PEMBROKE — Lumbee Tribal Administrator Tony Hunt wants to put his criminal problems behind him.
“I regret that this incident ever happened and apologize to my family, tribe and friends,” Hunt said in a statement Wednesday issued through Gary Strickland, the tribe’s Public Affairs manager. “This is behind me now and I look forward to serving my people.”
Hunt, 51, who is a Hoke County commissioner, pleaded guilty earlier this month in Hoke County District Court to charges of resisting a public officer, communicating threats and assault by pointing a gun. All of the charges are misdemeanors.
Four other charges were dismissed — assault on a female; domestic criminal trespass; carrying a concealed gun; and larceny from a person.
All the charges were filed against Hunt as a result of his showing up at his estranged wife’s home in Raeford on Nov. 27 and pointing a gun at her. Reportedly he used his hands to push Linda Hunt in her chest and remained on the property after she ordered him to leave. Both of those charges were dismissed.
According to The Fayetteville Observer, court documents indicate that the Hunts were separated and living apart at the time of the incident. The documents also say that Hunt had a concealed Beretta .22-caliber pistol when he showed up on his estranged wife’s property.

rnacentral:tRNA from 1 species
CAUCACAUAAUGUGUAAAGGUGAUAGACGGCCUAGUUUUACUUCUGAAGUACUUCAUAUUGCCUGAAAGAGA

According to court documents, Hunt took a cellphone away from Linda Hunt. That felonious larceny from a person charge was dismissed.
Hunt was charged with resisting an officer because he refused the command of a Hoke County deputy to remove his hands from his pockets and keep them in view. The deputy was reportedly trying to make a call for assistance at the time.
The recent court action came after several court continuances. Continuances were reportedly ordered Jan. 6, Jan. 7, Feb. 5, March 19 and May 14.
On Wednesday, Strickland said that Lumbee tribal officials would not take a public stance.
“We are not commenting at this time because it is a personnel matter,” Strickland said.
Hunt has served as a Hoke County commissioner for 12 years. He won the Democratic Party nomination in the May 6 primary, and is seeking a fourth four-year term in the November General Election.
Hunt, a minister, served in the military and holds several degrees, including one in religion. He has been a member of various community leadership and organization boards and was one of the first to serve on the Lumbee Supreme Court.
Hunt worked with the Hoke County school system doing family outreach before becoming tribal administrator for the Lumbee Tribe.